journal={Handbook of Macroeconomics},
March 2016 | Article

Misspecified Recovery

Jaroslav Borovička, Lars Peter Hansen, José A. Scheinkman

Asset prices contain information about the probability distribution of future states and the stochastic discounting of those states as used by investors. To better understand the challenge in distinguishing investors’ beliefs from risk‐adjusted discounting, we use Perron–Frobenius Theory to isolate a positive martingale component of the stochastic discount factor process. This component recovers a probability measure that absorbs long‐term risk adjustments. When the martingale is not degenerate, surmising that this recovered probability captures investors’ beliefs distorts inference about risk‐return tradeoffs. Stochastic discount factors in many structural models of asset prices have empirically relevant martingale components.

Journal: Journal of Finance|Tags: Econometrics, Uncertainty and Valuation|Export BibTeX >
  title={Misspecified Recovery},
  author={Borovi{v{c}}ka, Jaroslav and Hansen, Lars Peter and Scheinkman, Jos{'e} A},
  journal={The Journal of Finance},
  publisher={Wiley Online Library}
December 2015 | Working Paper

Sets of Models and Prices of Uncertainty

Lars Peter Hansen and Thomas J. Sargent

A decision maker constructs a convex set of nonnegative martingales to use as likelihood ratios that represent parametric alternatives to a baseline model and also nonparametric models statistically close to both the baseline model and the parametric alternatives. Max-min expected utility over that set gives rise to equilibrium prices of model uncertainty expressed as worst-case distortions to drifts in a representative investor’s baseline model. We offer quantitative illustrations for baseline models of consumption dynamics that display long-run risk. We describe a set of parametric alternatives that generates countercyclical prices of uncertainty.
NBER Working Paper No. 22000

Tags: Financial Market Linkages to the Macroeconomy, Risk, Robustness and Ambiguity, Uncertainty and Valuation|Export BibTeX >
  title={Sets of Models and Prices of Uncertainty},
  author={Hansen, Lars P. and Sargent, Thomas J.},
  institution={National Bureau of Economic Research}
January 2015 | Article

Four Types of Ignorance

Lars Peter Hansen, Thomas J. Sargent

This paper studies alternative ways of representing uncertainty about a law of motion in a version of a classic macroeconomic targetting problem of Milton Friedman (1953). We study both “unstructured uncertainty” – ignorance of the conditional distribution of the target next period as a function of states and controls – and more “structured uncertainty” – ignorance of the probability distribution of a response coefficient in an otherwise fully trusted specification of the conditional distribution of next period׳s target. We study whether and how different uncertainties affect Friedman׳s advice to be cautious in using a quantitative model to fine tune macroeconomic outcomes.

Journal: Journal of Monetary Economics|Volume: 69|Issue Number: January|Pages: 97-113|Tags: Risk, Robustness and Ambiguity|Export BibTeX >
  title={Four Types of Ignorance},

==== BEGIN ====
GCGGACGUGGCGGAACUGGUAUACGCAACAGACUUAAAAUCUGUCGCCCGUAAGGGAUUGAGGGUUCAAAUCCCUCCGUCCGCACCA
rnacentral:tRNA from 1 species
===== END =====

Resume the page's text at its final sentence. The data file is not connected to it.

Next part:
author={Hansen, Lars Peter and Sargent, Thomas J.},
  journal={Journal of Monetary Economics},
November 2014 | Article

Examining Macroeconomic Models Through the Lens of Asset Pricing

Jaroslav Borovička, Lars Peter Hansen

Dynamic stochastic equilibrium models of the macro economy are designed to match the macro time series including impulse response functions. Since these models aim to be structural, they also have implications for asset pricing. To assess these implications, we explore asset pricing counterparts to impulse response functions. We use the resulting dynamic value decomposition (DVD) methods to quantify the exposures of macroeconomic cash flows to shocks over alternative investment horizons and the corresponding prices or compensations that investors must receive because of the exposure to such shocks. We build on the continuous-time methods developed in Hansen and Scheinkman (2010), Borovicka et al. (2011) and Hansen (2011) by constructing discrete-time shock elasticities that measure the sensitivity of cash flows and their prices to economic shocks including economic shocks featured in the empirical macroeconomics literature. By design, our methods are applicable to economic models that are nonlinear, including models with stochastic volatility. We illustrate our methods by analyzing the asset pricing model of Ai et al. (2010) with tangible and intangible capital.

Journal: Journal of Econometrics|Volume: 183|Issue Number: 1|Pages: 67-90|Tags: Financial Market Linkages to the Macroeconomy, Uncertainty and Valuation|Export BibTeX >
  title={Examining Macroeconomic Models Through the Lens of Asset Pricing},
  author={Borovi{v{c}}ka, Jaroslav and Hansen, Lars Peter},
  journal={Journal of Econometrics},
September 2014 | Article

Shock Elasticities and Impulse Responses

Jaroslav Borovička, Lars Peter Hansen, Jose A. Scheinkman

We construct shock elasticities that are pricing counterparts to impulse response functions. Recall that impulse response functions measure the importance of next-period shocks for future values of a time series. Shock elasticities measure the contributions to the price and to the expected future cash flow from changes in the exposure to a shock in the next period. They are elasticities because their measurements compute proportionate changes. We show a particularly close link between these objects in environments with Brownian information structures.

Journal: Mathematics and Financial Economics|Volume: 8|Issue Number: 4|Pages: 333-354|Tags: Financial Market Linkages to the Macroeconomy, Uncertainty and Valuation|Export BibTeX >
  title={Shock Elasticities and Impulse responses},
  author={Borovi{v{c}}ka, Jaroslav and Hansen, Lars Peter and Scheinkman, Jos{'e} A},
  journal={Mathematics and Financial Economics},